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Re: Probably won't order
In reply to WhyNot, 10 months ago

WhyNot wrote:

After reading the interview I had two impressions. Olympus will pursue SE Asia as their primary market and will continue to downsize their cameras as much as practical. Olympus has a history of making instruments smaller from film days to mFT. For an Endoscope this is a great strategy but for cameras I'm not sure that one size fits all.....I would like a E-xxx sized body for HG lenses – I use the ZD14-54 on the GX1 but it is a lens with a camera attached and not as fluid to use as it is on an E-520, for me....So I think I might like a GH3 sized body but I guess the E-M1 is as big as Olympus cameras will get and even the flagship model may be smaller in the future, so I'll hold on to what I have for now and watch, but will probably have to consider alternatives when I have to upgrade or replace the E-30.... ….. If I can't put it in a pocket then I won't compromise on ergonomics. I actually bought into Olympus FTs partially because of its ergonomics....

The E-M1 IS E-xxx sized...

Cheers Kevin 

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Anastigmat
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Re: Cancelled my E-M1 order
In reply to dahod, 10 months ago

dahod wrote:

I read the interview with Mr. Terada (http://www.bestmirrorlesscamerareviews.com/2013/09/18/the-om-d-e-m1-new-pro-lenses-and-2014-an-interview-with-olympus-europe/) however, and it left me with a less than warm and fuzzy feeling. I could be reading it wrong and I apologize if I am but my take from it was

  1. 4/3 was a failure because it didn't result in measurably smaller camera/lens combinations - M4/3 will correct that.

That is the god awful truth. People are unwilling to put up with a smaller sensor without any real savings in size, weight, or price.

  1. His target market is the "young generation with a focus on young females"

Most of them use camera phones, and may not find it necessary to lug even a compact camera around, let alone something as big as the EM-1.

  1. He can't figure out how to attract European women buyers but he has a couple of thoughts.

The female pros won't be using the EM-1. The amateurs just use a camera phone or smart phone.  There is no market among them for the EM-1.

  1. M4/3 can almost beat APS-C on image quality but wins on portability ("their lenses are so much bigger than ours")

Beating Aps-c is a pipe dream.  The NEX cameras are smaller and more portable, and they have aps-c sensors.

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WhyNot
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Re: Probably won't order
In reply to Kevin Sutton, 10 months ago

Kevin Sutton wrote:

WhyNot wrote:

....

The E-M1 IS E-xxx sized...

Cheers Kevin

Thanks, you're right I went back a checked and it is just 6mm shorter and about the same weight as the E-520.  I had begun to think it was closer to the E-M5 than to the E-520...  On the other hand, I'll probably still sit back and listen to the discussion after it has been delivered, tried and the discussion heats up here ..... and over at the mFT forum.

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Kevin Sutton
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Re: Probably won't order
In reply to WhyNot, 10 months ago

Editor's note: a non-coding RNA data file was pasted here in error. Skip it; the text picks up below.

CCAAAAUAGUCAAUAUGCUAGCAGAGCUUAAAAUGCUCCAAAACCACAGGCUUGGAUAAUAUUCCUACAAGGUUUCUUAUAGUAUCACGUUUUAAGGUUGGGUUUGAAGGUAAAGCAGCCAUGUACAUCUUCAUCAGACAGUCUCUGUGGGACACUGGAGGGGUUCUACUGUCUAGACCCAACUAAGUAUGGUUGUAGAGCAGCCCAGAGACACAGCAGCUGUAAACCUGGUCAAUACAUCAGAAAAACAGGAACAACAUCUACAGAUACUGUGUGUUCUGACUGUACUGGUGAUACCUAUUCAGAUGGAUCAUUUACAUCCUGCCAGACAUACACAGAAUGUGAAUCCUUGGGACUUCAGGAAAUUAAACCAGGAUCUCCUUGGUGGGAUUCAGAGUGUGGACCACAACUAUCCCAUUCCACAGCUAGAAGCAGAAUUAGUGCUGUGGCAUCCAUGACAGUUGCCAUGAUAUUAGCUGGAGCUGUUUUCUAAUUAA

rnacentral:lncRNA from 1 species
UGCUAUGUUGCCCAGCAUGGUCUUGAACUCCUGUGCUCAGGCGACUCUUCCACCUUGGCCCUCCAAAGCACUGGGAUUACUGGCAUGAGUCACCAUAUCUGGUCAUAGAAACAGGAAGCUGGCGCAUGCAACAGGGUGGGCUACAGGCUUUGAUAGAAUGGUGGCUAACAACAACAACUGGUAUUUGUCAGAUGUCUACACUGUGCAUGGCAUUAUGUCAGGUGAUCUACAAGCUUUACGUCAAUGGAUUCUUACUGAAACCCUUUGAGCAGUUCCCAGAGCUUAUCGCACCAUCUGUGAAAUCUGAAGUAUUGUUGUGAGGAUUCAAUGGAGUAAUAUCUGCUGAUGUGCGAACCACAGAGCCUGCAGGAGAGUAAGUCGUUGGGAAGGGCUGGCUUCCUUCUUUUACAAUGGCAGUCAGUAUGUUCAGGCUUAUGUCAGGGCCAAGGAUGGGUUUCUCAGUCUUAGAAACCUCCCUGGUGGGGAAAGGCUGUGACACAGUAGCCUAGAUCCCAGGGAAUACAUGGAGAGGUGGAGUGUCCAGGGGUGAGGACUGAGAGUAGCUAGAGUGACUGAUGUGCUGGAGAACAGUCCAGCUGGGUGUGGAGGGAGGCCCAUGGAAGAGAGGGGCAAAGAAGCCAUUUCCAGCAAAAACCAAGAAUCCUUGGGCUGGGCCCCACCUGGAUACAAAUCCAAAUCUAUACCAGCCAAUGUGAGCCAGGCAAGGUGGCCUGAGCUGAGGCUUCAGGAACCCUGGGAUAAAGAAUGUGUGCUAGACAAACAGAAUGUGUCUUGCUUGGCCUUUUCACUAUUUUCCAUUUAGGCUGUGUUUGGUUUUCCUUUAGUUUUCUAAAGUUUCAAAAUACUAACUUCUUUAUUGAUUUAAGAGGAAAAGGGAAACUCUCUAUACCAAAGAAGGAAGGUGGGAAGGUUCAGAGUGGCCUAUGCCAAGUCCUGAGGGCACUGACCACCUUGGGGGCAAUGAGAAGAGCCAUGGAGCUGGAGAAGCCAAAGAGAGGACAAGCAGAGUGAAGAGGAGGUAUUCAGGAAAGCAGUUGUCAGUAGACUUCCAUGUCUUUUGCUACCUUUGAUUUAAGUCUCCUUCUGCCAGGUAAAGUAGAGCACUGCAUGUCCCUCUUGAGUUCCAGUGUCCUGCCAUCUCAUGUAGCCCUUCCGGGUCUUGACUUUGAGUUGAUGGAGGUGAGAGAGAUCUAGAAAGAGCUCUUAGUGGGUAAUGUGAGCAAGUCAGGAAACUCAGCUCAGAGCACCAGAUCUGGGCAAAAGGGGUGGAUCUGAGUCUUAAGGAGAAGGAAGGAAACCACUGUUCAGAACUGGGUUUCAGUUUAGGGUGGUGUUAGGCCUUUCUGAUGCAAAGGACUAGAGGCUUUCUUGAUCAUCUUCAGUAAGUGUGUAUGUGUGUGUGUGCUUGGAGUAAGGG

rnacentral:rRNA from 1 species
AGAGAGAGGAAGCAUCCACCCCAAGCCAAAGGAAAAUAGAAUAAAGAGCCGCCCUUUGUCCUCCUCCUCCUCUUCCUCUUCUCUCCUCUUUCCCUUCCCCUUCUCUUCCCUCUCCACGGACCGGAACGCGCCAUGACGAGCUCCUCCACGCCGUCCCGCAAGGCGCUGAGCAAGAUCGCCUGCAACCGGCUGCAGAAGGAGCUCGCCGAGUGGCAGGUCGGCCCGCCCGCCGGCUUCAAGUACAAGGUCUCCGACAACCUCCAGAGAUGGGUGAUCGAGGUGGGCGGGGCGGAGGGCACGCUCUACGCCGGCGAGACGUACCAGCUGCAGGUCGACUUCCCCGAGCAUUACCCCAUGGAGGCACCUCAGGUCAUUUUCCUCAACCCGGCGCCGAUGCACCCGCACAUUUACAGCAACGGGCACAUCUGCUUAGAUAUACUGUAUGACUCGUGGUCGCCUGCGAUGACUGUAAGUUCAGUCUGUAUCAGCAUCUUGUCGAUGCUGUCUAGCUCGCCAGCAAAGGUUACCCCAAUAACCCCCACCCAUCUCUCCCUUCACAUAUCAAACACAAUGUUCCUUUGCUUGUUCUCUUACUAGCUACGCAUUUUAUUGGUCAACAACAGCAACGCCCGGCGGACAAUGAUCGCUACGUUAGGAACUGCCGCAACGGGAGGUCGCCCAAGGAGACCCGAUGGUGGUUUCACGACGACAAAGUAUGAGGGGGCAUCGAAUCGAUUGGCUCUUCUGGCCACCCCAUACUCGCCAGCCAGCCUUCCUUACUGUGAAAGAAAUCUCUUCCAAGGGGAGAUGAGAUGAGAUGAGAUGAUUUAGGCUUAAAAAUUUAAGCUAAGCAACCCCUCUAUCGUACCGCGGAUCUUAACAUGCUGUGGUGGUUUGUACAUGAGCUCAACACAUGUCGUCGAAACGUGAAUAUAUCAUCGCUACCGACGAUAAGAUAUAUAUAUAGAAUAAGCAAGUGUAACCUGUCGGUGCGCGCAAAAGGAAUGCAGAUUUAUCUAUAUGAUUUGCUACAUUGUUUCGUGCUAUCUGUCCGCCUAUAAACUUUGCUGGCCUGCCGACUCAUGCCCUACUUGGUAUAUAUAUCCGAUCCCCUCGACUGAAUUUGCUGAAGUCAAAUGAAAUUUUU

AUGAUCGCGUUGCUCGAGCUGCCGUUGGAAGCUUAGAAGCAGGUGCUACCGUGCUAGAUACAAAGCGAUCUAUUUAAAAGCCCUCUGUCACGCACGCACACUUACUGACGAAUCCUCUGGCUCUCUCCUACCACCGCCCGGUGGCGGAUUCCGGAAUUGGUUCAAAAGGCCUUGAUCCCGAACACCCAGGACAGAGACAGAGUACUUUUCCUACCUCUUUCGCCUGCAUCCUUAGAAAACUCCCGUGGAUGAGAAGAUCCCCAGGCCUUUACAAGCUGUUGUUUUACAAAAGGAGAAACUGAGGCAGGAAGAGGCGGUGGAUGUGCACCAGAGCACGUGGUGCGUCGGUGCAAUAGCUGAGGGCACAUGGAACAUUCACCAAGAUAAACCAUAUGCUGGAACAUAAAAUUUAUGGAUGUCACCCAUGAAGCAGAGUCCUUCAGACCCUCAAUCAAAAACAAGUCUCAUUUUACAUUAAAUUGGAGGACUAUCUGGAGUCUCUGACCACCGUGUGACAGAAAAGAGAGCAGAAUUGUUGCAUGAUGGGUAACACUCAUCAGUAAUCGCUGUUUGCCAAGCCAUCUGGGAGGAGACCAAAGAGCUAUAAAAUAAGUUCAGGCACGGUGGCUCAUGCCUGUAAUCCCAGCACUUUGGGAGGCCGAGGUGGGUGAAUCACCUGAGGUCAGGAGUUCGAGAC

WhyNot wrote:

Kevin Sutton wrote:

WhyNot wrote:

....

The E-M1 IS E-xxx sized...

Cheers Kevin

Thanks, you're right I went back a checked and it is just 6mm shorter and about the same weight as the E-520. I had begun to think it was closer to the E-M5 than to the E-520... On the other hand, I'll probably still sit back and listen to the discussion after it has been delivered, tried and the discussion heats up here ..... and over at the mFT forum.

Hi

Pretty much the same size as the E-620 I think, but a bit less weight.

Cheers  Kevin  

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Marty4650
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You are dreaming
In reply to Anastigmat, 10 months ago

Anastigmat wrote:

dahod wrote:

I read the interview with Mr. Terada (http://www.bestmirrorlesscamerareviews.com/2013/09/18/the-om-d-e-m1-new-pro-lenses-and-2014-an-interview-with-olympus-europe/) however, and it left me with a less than warm and fuzzy feeling. I could be reading it wrong and I apologize if I am but my take from it was

  1. 4/3 was a failure because it didn't result in measurably smaller camera/lens combinations - M4/3 will correct that.

That is the god awful truth. People are unwilling to put up with a smaller sensor without any real savings in size, weight, or price.

Believe it or not, there really was a 4/3 savings in terms of size, weight, and cost. It just wasn't a big enough savings to offset the loss of image quality that larger sensors provided.

M4/3 pretty much corrected this. You can now get almost the same image quality (and in some cases better) than you can from an APSC camera in a considerably smaller and lighter package. And it can even be cheaper, based on which current generation cameras you are comparing.

  1. His target market is the "young generation with a focus on young females"

Most of them use camera phones, and may not find it necessary to lug even a compact camera around, let alone something as big as the EM-1.

  1. He can't figure out how to attract European women buyers but he has a couple of thoughts.

The female pros won't be using the EM-1. The amateurs just use a camera phone or smart phone. There is no market among them for the EM-1.

There are all sorts of pros, and all different types of amateurs. If you think the EM1 can be replaced by a cell phone, then you are choosing to ignore reality.

  1. M4/3 can almost beat APS-C on image quality but wins on portability ("their lenses are so much bigger than ours")

Beating Aps-c is a pipe dream. The NEX cameras are smaller and more portable, and they have aps-c sensors.

NEX cameras really are generally smaller than M4/3 cameras, but some are not. The A3000 is relatively large and heavy when compared to an Olympus EM5, so these generalizations are sometimes silly, and often wrong.